As a product of racial segregation, Jim Crow laws and now the Black Lives Matter movement, Williams’ global activism has landed him in his own backyard – literally.
For nearly two decades, the Williams’, residents of the Northwood Estates community have spoken before Orangeburg city and county councils petitioning that their sewer rates are astronomically high citing the contamination is comparable to the Flint water crisis.
“Injustice and misjustice of any kind, anywhere is not right and I intend to hold the office holders – not elected officials, accountable for discriminating against those that live on fixed incomes and those that are disabled,” Williams said.
The decades old fight is a little different in recent years Williams said because of the county’s predominantly African-American leadership.
“They didn’t start the problem with the water and sewage system, but from the mayor on down they are holding on to the ideas and policies that have long been in place,” Williams said.
On the forefront for many social issues in ‘The Garden City,’ Williams the last living photographer at the scene of the Orangeburg Massacre says the town nestled between Columbia and Charleston should be much further along and is vastly “behind the times.”
On that fateful night of Thursday, February 8, 1968, South Carolina Highway Patrol troopers fired rounds from the entrance of then South Carolina State College into a crowd of unsuspecting students protesting a segregated bowling alley.
Samuel Hammond, Delano Middleton and Henry Smith were killed and over two dozen were injured.
Williams could have easily been seriously injured during what he says was a completely avoidable tragedy.
“Orangeburg has very special problems, it has never embraced racial equality and its been last to conform to state, regional and national implementation of civil rights laws. During the time of the massacre it was illegal to operate a segregated bowling alley, but officials of that time allowed a racist establishment to exist in the city limits and did nothing about it. They were wrong then and they’re wrong today.”
Williams chronicles the events of that day and the days leading up to it and the aftermath in his book ‘Orangeburg 1968: A Place and Time Remembered’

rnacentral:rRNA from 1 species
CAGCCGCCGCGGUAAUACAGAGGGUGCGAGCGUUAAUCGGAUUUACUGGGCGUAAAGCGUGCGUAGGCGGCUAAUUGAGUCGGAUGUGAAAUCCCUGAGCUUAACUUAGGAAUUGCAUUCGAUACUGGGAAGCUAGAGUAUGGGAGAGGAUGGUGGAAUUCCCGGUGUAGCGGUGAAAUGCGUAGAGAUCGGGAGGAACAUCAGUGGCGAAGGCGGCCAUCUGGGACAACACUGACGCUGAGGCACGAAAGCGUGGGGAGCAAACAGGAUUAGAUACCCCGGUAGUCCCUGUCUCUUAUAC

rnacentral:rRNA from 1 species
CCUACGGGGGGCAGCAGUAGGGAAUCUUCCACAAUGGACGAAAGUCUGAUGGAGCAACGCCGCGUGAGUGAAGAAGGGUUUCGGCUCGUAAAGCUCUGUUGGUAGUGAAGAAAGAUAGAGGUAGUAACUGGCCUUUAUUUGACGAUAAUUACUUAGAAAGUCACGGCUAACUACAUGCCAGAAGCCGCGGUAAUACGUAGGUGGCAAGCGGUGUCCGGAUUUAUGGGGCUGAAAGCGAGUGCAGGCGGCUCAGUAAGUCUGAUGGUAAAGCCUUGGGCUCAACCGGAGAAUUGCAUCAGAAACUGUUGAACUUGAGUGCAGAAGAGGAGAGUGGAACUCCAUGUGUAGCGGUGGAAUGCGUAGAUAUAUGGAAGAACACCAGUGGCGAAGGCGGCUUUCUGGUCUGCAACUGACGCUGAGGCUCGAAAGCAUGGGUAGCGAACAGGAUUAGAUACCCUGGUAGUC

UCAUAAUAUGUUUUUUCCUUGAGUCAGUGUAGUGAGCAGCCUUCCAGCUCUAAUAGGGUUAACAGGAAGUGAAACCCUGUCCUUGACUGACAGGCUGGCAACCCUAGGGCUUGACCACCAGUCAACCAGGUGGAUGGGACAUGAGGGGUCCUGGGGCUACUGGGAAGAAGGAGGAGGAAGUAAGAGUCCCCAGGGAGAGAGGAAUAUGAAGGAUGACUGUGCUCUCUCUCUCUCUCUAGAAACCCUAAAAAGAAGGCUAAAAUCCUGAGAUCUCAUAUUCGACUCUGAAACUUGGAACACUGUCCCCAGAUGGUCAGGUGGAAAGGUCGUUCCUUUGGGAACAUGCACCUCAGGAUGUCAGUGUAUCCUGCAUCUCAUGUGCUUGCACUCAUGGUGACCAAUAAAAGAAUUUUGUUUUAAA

His latest book, “Unforgettable” a collection of 40 images portrays events, people and significant moments of social change from the 1950s through the 1970s was recently released.
A reception was held in Charleston in July.
Another book talk is planned for December 11 at the Richland County Library in Columbia.
In addition to his already lengthy bio, Williams also invented the film toaster.
No it’s not a pop-up toaster for waffles or pastries, rather Williams said it’s a device that enables you to create digital image files from older photography film.
The products as well as his books are available on Amazon and cecilwilliams.com.
Make no doubt about it Williams will continue his fight for freedom, justice and equality on the local and national stage, but there’s always room for downtime.
When he’s not in the pews of either Mt. Pisgah Baptist Church or St. Luke Presbyterian Church, Williams is locked in to an episode of The Walking Dead or Empire.
Not a fan of live television, Williams said he prefers to kick back with the DVDs of the hit series of the zombie apocalypse and the music dynasty drama.
Williams has seen the end of World War II, segregation and desegregation, the assassination of King and Kennedy, September 11th and the election of a reality TV star turned president and the public resurgence of racist ideology, yet Williams remains hopeful.
“I hope that my life and experiences has inspired those that may be less fortune to overcome any situation and that we would end our petty differences when it comes to race and other trivial matters that hold us back as a community, state and nation.”
Kimberlei Davis is a published author, brand strategist, empowerment speaker and an accomplished journalist currently working in print, digital and broadcast media. She is a graduate of Johnson C. Smith University and is the founder of The LEAP Foundation, a non-profit organization aimed at assisting with the academic outcome of foster children. Kimberlei is the mother of one son, Benjamin.
Connect with the writer @KimberleiDavis